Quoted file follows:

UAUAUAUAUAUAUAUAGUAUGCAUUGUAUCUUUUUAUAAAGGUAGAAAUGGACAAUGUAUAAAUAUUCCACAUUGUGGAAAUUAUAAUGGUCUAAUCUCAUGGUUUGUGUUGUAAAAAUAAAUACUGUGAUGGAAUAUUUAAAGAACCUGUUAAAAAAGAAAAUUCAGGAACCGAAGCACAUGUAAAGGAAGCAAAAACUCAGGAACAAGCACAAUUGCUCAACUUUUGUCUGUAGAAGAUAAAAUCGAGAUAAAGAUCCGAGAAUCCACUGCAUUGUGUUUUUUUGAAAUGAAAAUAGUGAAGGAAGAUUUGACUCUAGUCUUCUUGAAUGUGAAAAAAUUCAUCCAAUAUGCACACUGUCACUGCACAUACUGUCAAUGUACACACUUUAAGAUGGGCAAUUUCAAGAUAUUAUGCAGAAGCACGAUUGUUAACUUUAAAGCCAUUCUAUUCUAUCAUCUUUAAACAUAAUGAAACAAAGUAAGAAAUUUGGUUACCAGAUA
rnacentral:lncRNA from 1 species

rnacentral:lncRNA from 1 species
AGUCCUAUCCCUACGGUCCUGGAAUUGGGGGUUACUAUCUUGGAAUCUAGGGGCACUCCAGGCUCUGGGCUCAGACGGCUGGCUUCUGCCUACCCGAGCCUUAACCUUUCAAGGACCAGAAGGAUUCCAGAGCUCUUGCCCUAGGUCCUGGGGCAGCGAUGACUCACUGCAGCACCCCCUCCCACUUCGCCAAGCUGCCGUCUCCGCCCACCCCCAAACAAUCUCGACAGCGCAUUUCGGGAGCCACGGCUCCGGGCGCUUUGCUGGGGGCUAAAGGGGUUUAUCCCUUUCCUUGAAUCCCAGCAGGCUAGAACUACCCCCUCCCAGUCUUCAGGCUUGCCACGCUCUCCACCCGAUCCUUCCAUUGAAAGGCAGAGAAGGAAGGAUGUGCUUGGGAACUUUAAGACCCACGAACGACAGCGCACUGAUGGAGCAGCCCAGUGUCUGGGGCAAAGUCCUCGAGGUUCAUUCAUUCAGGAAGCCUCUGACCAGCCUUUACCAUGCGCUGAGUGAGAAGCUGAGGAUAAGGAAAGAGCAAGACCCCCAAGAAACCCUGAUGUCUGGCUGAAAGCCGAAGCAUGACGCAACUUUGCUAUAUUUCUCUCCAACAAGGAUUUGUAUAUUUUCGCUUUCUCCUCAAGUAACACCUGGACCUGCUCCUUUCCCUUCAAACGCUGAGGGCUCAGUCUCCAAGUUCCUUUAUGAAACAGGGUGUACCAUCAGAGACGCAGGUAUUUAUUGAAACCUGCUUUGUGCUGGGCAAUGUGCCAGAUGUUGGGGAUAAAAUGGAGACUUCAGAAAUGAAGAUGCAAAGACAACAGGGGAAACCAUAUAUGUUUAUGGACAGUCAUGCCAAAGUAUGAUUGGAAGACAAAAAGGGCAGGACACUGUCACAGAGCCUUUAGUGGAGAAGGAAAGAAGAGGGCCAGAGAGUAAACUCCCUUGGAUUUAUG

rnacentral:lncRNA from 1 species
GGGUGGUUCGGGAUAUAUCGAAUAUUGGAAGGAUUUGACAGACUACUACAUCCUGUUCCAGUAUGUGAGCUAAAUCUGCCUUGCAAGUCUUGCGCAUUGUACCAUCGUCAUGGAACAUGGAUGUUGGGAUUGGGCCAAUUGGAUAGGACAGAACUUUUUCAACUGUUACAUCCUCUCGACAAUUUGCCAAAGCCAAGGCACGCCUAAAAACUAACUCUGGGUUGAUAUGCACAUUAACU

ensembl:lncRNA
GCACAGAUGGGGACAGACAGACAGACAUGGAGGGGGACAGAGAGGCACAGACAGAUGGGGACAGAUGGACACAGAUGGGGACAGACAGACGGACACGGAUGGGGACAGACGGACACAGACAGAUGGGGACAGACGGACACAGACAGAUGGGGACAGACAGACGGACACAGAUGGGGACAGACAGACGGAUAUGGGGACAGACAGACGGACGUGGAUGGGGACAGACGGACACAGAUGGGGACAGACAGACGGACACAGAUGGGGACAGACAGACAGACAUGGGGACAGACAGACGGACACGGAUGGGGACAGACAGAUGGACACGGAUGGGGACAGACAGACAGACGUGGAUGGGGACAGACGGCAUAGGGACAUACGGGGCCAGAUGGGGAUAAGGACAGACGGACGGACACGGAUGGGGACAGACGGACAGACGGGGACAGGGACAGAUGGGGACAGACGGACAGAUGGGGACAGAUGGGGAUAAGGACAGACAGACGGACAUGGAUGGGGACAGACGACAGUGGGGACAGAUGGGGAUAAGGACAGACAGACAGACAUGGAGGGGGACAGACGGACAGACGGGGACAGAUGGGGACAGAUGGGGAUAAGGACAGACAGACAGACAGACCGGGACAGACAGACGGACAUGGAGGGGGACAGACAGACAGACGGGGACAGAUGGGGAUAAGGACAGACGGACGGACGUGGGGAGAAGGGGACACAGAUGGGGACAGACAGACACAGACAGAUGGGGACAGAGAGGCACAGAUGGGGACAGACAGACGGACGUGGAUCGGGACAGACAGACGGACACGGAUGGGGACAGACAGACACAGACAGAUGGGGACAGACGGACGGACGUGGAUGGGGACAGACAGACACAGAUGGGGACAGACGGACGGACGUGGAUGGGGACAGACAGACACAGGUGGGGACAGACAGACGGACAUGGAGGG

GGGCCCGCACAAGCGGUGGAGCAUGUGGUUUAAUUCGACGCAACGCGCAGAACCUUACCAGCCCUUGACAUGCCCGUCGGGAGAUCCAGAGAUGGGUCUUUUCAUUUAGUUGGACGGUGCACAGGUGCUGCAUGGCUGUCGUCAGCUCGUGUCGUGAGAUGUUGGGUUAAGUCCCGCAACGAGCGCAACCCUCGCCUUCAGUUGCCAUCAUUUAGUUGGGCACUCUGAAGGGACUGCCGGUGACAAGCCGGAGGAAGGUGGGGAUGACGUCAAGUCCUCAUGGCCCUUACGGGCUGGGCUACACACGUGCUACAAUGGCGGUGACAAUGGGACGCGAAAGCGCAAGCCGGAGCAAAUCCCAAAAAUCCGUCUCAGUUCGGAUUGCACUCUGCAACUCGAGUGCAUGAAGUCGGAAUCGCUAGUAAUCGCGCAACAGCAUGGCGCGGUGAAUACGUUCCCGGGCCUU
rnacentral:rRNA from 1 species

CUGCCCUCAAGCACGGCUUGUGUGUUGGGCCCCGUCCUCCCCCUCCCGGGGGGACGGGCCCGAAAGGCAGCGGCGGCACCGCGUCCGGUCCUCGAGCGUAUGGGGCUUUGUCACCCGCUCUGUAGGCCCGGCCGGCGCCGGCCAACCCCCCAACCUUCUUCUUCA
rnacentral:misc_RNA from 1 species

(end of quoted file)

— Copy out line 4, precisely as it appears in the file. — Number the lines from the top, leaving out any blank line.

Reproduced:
AGUCCUAUCCCUACGGUCCUGGAAUUGGGGGUUACUAUCUUGGAAUCUAGGGGCACUCCAGGCUCUGGGCUCAGACGGCUGGCUUCUGCCUACCCGAGCCUUAACCUUUCAAGGACCAGAAGGAUUCCAGAGCUCUUGCCCUAGGUCCUGGGGCAGCGAUGACUCACUGCAGCACCCCCUCCCACUUCGCCAAGCUGCCGUCUCCGCCCACCCCCAAACAAUCUCGACAGCGCAUUUCGGGAGCCACGGCUCCGGGCGCUUUGCUGGGGGCUAAAGGGGUUUAUCCCUUUCCUUGAAUCCCAGCAGGCUAGAACUACCCCCUCCCAGUCUUCAGGCUUGCCACGCUCUCCACCCGAUCCUUCCAUUGAAAGGCAGAGAAGGAAGGAUGUGCUUGGGAACUUUAAGACCCACGAACGACAGCGCACUGAUGGAGCAGCCCAGUGUCUGGGGCAAAGUCCUCGAGGUUCAUUCAUUCAGGAAGCCUCUGACCAGCCUUUACCAUGCGCUGAGUGAGAAGCUGAGGAUAAGGAAAGAGCAAGACCCCCAAGAAACCCUGAUGUCUGGCUGAAAGCCGAAGCAUGACGCAACUUUGCUAUAUUUCUCUCCAACAAGGAUUUGUAUAUUUUCGCUUUCUCCUCAAGUAACACCUGGACCUGCUCCUUUCCCUUCAAACGCUGAGGGCUCAGUCUCCAAGUUCCUUUAUGAAACAGGGUGUACCAUCAGAGACGCAGGUAUUUAUUGAAACCUGCUUUGUGCUGGGCAAUGUGCCAGAUGUUGGGGAUAAAAUGGAGACUUCAGAAAUGAAGAUGCAAAGACAACAGGGGAAACCAUAUAUGUUUAUGGACAGUCAUGCCAAAGUAUGAUUGGAAGACAAAAAGGGCAGGACACUGUCACAGAGCCUUUAGUGGAGAAGGAAAGAAGAGGGCCAGAGAGUAAACUCCCUUGGAUUUAUG